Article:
By: Dennis Cook
Vetiver/Kelley Stoltz/The Mumlers :: 05.06.08 :: Great American Music Hall :: San Francisco, CA
Sometimes a good song – a captivating melody, an alluring lyric, some snap, crackle and pop – is hard to find in today's wilderness of jarring noises and canned pap. When you find a sympathetic vibration on your internal radio antenna, a small piece of happiness you can hum, it's about the best thing ever - for three or four minutes at least. Last week a trio of super talented songsmiths gathered and delivered this kind of chestnut, one after another. One hesitates to call bands this young "classic" but one sensed the ghosts of Syd Barrett, Townes Van Zandt and Nick Drake had sauntered into the former Roaring '20s gambling hall (and some say brothel) to bend an ear last Wednesday.
San Jose's The Mumlers, decked out in classy dress shirts and stylish cravats that made them look like they'd mugged a Lawrence Welk act (in a good way), presented their beautifully dented pop swing. Equal measures Modest Mouse and Randy Newman (or alternately Paul Simon and Safe As Milk-era Captain Beefheart), The Mumlers showed off their deep reach into the American unconscious, duct taping bits of ragtime and white blues onto Tom Waits-ian baubles of great charm. While they tapped their excellent 2008 debut, Thickets & Stitches, it was the many new songs that spoke to their growing density and increased forthrightness. Even when they're singing about death or heartbreak, The Mumlers manage to be fun and engaging, a slow gin fizz for sad souls seeking brighter hours.
S.F.'s Kelley Stoltz took his meticulously crafted studio wizardry into tough new territory. Live there's pleasantly messy fuzz on his grand pop inventions. At first, it was a bit of a struggle to shake off the expectation of layered, tight rock that his albums set up but if you relaxed the band took you onto the dance floor with shoulder shaking force. The sea of bobble headed enthusiasts by mid-set showed that the band had also warmed up, fully embracing their garage-y vibe and pressing forward like Badfinger with somethin' to prove. Stoltz is one of the most consistent, endlessly clever popsmiths going, and his albums, including the recently released Circular Sounds, which provided the backbone of their selections, are studies in well sculpted songwriting and production delivered with all the sweetness of a first dance or a longed for valentine. In concert, he's a bit more muscular but consciously so. While not as immediately seductive as his albums, there's something interesting happening with his live interpretations that bears further exploration.
Vetiver has come a long, long way from their early, dreaded "freak-folk" tag. This San Francisco band led by gifted composer-guitarist-singer Andy Cabic overflowed with confidence and an abundance of new material fresh from their recording sessions in Sacramento for their upcoming third album of originals. In the meantime, this headlining gig celebrated their newly released cover tune collection, Thing Of The Past (released May 12 on Gnomonsong), which dips into the catalogs of Michael Hurley ("Blue Driver"), Norman Greenbaum ("Hook & Ladder"), Loudon Wainwright III ("The Swimming Song"), Hawkwind ("Hurry On Sundown") and more well picked obscurities. The difference between Thing Of The Past and most covers albums is they focused on material that genuinely suits them. There's no obvious pandering or gimmicky bullshit, just cool tunes played with feeling and care – much like what we witnessed during their section of the evening.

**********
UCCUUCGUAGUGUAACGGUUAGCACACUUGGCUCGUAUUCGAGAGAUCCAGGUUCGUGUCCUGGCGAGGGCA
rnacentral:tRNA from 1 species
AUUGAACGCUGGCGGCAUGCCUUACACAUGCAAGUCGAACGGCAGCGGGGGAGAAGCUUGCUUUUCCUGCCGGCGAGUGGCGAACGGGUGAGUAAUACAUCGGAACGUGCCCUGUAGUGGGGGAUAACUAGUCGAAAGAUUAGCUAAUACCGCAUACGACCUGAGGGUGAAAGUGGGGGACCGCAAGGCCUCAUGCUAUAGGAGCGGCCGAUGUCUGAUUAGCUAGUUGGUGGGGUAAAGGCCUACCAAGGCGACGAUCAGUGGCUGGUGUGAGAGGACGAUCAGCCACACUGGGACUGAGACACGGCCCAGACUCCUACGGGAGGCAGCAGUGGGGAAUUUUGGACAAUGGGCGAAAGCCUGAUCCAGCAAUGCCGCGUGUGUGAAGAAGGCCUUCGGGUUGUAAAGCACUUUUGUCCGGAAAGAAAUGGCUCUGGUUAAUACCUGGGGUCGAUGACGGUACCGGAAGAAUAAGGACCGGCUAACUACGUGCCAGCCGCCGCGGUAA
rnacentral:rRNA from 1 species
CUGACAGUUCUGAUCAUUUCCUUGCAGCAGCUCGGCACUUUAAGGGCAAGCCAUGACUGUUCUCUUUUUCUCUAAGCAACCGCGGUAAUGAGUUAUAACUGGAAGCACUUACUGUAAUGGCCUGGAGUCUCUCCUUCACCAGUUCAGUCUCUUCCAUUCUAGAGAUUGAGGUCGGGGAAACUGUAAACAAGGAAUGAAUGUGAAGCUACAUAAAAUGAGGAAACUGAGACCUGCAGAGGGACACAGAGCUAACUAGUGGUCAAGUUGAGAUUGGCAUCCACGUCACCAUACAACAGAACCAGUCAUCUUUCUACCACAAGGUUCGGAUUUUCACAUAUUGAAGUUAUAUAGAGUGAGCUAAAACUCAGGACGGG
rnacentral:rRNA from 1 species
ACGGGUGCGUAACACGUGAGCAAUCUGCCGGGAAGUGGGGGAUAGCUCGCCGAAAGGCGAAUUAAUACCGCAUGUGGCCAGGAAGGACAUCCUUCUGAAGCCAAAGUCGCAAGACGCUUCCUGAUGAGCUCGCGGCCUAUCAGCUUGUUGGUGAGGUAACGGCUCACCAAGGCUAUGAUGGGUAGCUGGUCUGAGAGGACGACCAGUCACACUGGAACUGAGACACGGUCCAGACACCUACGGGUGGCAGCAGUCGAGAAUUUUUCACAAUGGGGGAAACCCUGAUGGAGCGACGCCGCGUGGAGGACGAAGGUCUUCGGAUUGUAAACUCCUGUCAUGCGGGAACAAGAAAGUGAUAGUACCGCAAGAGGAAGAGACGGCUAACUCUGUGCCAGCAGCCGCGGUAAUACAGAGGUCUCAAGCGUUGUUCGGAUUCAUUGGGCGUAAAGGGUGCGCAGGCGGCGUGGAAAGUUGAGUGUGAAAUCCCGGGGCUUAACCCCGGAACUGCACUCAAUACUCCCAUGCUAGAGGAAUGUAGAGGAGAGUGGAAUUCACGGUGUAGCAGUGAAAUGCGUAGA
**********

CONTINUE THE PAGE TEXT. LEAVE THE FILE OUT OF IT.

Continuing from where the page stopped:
Andy Cabic - Vetiver|
Cabic has never been in better voice, and the entire band – Otto Hauser (drums), Brent Dunn (bass), Sanders Trippe (guitar, vocals) and Kevin Barker (guitar, banjo, vocals) – seemed simultaneously tight and loose, like a fresh rubber band, after their recent stint opening for and backing Gary Louris (The Jayhawks). They are empathetic players and they followed the curves and stops of each piece with hunting dog focus. Though each was throwing in his own part, there was a collective sense of movement that flowed behind the whole set, where they moan about being "broke down and busted" one minute and then emerge into pastoral calm the next. Each emotional shift and musical turn felt organic, no matter how much it differed from the ones on either side of a change. Portions conjured the high country vibe of Workingman's Dead while others, notably a raging electric tear through "You May Be Blue" from 2006's incredible To Find Me Gone, wrestled the blues into new spaces, manhandling them like Quicksilver Messenger Service and Moby Grape used to. Capable of great gentleness and harnessed meanness, Vetiver showed a wider spectrum than any of their soundbites ever suggested. This is a seriously good live act to keep your ears open for in the future.
JamBase | San Francisco
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